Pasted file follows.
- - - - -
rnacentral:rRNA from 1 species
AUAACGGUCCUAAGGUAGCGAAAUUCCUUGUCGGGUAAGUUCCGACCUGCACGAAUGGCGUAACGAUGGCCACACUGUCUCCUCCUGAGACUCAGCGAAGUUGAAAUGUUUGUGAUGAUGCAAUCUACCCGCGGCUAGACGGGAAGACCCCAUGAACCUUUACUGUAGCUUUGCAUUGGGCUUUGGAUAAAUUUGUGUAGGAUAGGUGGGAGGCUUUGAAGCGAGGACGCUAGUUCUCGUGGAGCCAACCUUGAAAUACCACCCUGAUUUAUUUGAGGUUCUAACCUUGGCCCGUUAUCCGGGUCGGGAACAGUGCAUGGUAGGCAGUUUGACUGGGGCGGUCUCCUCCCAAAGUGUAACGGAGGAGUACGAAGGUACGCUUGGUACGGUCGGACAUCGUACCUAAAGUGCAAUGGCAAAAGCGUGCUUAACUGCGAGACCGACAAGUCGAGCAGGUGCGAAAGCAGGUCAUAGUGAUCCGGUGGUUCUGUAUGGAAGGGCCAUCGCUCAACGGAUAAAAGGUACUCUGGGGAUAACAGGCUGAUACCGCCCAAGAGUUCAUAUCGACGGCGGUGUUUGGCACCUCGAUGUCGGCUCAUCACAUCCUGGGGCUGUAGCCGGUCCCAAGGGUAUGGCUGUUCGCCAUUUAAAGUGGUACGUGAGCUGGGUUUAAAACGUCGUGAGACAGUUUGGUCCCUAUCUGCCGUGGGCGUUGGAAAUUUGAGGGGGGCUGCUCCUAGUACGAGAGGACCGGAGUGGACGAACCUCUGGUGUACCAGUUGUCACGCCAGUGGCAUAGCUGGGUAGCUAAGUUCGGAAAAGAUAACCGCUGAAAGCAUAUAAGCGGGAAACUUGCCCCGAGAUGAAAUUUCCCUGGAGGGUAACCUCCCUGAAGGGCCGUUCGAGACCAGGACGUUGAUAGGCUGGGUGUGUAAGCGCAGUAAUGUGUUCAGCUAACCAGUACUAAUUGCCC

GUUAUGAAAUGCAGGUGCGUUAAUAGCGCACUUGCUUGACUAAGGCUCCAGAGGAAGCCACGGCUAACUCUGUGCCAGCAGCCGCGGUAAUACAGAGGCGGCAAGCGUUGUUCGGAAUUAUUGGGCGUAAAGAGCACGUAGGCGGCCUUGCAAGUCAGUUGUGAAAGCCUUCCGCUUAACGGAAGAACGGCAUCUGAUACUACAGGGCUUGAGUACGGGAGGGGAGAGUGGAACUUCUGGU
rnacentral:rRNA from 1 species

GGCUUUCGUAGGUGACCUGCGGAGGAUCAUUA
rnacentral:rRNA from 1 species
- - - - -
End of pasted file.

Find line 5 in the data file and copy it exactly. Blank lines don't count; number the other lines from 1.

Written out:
GGCUUUCGUAGGUGACCUGCGGAGGAUCAUUA